for a free ferry. With us are tourists
that paid for Garrison Church weddings –
for shades, thought forms snapping,
for reading Jan se Gat back in time.

Today fathers are not here; they will be here.
This I pick up from the seagulls’ song,
read it from the dances of the breakers:
“Makana and Autshumato
rickety like Granma in Havana,
are with us, with us
not as a province in Cuba,
Autshumato, Stuurman
are here, here with Sheik Madura
are here, here with Imam Said
are here, here with Imam Guru
not as a paper of the Party.
Makhanda, Maqoma
are here, here with Dilima
are here, here with Fadana
are here, here with Langalibalele
not as a footnote in a folktale.
John Nkosi, Jafta Masemola
are here, here with Mlangeni
are here, here with Leo Sihlali
are here, here with Muntu Myeza
Andimba Toivo ya Toivo . . .
oh Makana, Autshumato
are now here, here . . . ”

We sit on the shivering deck and sail,
pulling behind a bridal gown of foam.
Gales slice my ears and nose,
Gales shave my head and cheeks –
no scarf, no wind breaker, no cloak
just like the ankle-welded prisoners, lepers
who wore boas of spiky rings.

I hear their dreams in the cold clanking
of leg and arm irons; feel their anthem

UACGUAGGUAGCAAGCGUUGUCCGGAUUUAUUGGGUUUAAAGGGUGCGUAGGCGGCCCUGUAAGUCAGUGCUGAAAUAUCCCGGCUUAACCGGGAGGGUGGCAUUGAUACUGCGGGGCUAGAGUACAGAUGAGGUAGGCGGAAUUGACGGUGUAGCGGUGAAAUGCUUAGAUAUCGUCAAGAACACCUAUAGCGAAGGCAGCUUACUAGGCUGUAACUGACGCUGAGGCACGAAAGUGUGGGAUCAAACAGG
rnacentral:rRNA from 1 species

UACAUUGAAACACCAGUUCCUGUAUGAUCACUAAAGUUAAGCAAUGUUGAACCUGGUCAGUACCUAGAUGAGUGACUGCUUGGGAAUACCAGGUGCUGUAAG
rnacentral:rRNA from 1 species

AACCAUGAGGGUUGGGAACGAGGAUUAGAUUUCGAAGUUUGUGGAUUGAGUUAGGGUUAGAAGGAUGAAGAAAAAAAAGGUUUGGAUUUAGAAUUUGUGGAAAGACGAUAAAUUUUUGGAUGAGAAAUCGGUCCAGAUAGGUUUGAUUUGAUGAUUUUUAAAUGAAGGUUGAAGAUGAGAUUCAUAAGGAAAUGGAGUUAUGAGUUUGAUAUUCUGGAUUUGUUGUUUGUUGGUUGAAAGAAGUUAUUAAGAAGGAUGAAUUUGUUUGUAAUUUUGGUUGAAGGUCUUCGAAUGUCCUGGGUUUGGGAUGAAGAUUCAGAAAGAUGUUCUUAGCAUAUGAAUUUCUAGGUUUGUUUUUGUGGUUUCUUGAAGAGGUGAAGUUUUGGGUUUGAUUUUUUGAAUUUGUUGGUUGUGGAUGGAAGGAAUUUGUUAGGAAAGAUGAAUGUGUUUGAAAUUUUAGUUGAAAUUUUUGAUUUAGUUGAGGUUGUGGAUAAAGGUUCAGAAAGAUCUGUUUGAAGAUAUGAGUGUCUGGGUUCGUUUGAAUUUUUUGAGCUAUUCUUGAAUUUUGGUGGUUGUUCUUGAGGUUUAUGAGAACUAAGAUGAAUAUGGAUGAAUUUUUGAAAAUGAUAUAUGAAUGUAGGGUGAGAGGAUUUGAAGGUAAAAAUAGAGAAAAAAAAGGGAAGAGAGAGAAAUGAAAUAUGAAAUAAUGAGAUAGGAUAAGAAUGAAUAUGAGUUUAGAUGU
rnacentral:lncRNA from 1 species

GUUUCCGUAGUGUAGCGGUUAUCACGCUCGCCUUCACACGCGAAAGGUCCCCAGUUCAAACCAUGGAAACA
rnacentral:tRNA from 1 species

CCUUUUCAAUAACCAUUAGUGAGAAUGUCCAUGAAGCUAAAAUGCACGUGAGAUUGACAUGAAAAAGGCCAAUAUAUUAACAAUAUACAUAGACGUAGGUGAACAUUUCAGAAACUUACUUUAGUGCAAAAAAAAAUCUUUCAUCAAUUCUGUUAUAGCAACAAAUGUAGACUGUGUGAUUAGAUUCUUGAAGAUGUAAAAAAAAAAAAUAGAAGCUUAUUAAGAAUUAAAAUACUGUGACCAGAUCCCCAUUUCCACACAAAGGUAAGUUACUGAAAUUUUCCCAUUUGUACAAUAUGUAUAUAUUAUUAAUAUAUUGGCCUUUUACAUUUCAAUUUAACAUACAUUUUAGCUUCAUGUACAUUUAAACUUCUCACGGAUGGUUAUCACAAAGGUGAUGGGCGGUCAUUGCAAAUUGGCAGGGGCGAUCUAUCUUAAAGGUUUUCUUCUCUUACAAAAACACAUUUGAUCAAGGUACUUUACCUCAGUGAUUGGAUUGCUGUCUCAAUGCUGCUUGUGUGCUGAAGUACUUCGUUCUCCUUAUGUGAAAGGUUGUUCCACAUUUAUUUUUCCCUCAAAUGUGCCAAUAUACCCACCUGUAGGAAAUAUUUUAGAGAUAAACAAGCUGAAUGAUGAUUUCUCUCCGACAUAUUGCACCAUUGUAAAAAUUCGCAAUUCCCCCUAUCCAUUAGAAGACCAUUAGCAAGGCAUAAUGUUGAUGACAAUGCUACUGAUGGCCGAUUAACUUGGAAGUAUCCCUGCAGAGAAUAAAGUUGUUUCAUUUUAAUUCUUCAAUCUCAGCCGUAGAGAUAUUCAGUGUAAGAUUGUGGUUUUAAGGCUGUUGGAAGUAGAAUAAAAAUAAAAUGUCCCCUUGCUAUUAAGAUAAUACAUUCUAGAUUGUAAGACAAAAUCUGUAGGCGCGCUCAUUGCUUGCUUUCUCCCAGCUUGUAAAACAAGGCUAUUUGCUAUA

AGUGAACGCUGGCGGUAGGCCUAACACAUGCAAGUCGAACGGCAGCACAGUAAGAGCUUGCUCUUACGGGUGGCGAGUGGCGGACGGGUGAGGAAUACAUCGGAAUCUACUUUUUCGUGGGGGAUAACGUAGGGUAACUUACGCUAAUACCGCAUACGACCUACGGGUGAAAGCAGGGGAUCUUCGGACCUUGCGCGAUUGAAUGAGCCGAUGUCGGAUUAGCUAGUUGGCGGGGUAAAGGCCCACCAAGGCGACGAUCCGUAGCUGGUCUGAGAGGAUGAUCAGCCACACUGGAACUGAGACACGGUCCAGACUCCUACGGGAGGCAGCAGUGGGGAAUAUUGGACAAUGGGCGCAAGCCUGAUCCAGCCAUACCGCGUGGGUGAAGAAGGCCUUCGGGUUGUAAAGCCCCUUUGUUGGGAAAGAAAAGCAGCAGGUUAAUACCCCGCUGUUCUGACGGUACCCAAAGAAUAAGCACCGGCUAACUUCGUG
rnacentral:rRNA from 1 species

in the rings and chains that bleed.
I see in the shape-shifting waves
captors’ eyes in darts and jerks
as if herding hyenas and mambas;
captives’ eyes as moonflowers and morning stars
as if they are not in the thick of Transplanted Christianity.
Behold, lepers’ eyes receding from Colonial Culture
as if wolfed down by the disease itself.

The heart of the wind fast-forwards
cured criminals let loose to gentle captives,
sweet things dangle in prisoners’ faces,
scientists in the mainland preparing concoctions
of slow death to those failing to be broken in, and dark,
dark secrets in vaults, signed, with initials on – oh no!

Page by page in the ether, in the clouds above and below
I taste lost thoughts and visions of early lepers
unfolding in increments like Sobukwe’s Clause of claws.

I close my eyes and cry deep into my soul,
“Who will listen to divine insights and visions
if in our narrative the first prisoners only whisper
in our comas and near death experiences?”
I look up to the sky and cry; not because I am a crybaby,
but for what is going on in me. “Do I breathe or feature
in the trance or pictures in this realm of waterscape?”
Down into the ocean depths I look.
Behold, a hand sprouting from the peak
of the mountain, from its fingertips
tentacles of words sparkle upwards:
“Enslavers had stored themselves
in the bodies of your fathers.”
I cry long, long, long tears . . .

We arrive in Poqo Island.
The gulls sing the dance-poem of the Island:
“Makana and Autshumato
rickety like Granma in Havana
are with us, with us . . . ”

Against the shore surges dance.
Around Table Mountain fog coils.

Welcome to Robben Island:
We serve with pride!
Ons dien met trots!

SAILING TO LEPER ISLAND

Sponsors
Gemeente Rotterdam
Nederlands Letterenfonds
Stichting Van Beuningen Peterich-fonds
Ludo Pieters Gastschrijver Fonds
Hendrik Muller fonds
Lira fonds
J.E. Jurriaanse
Literature Translation Institute of Korea
Partners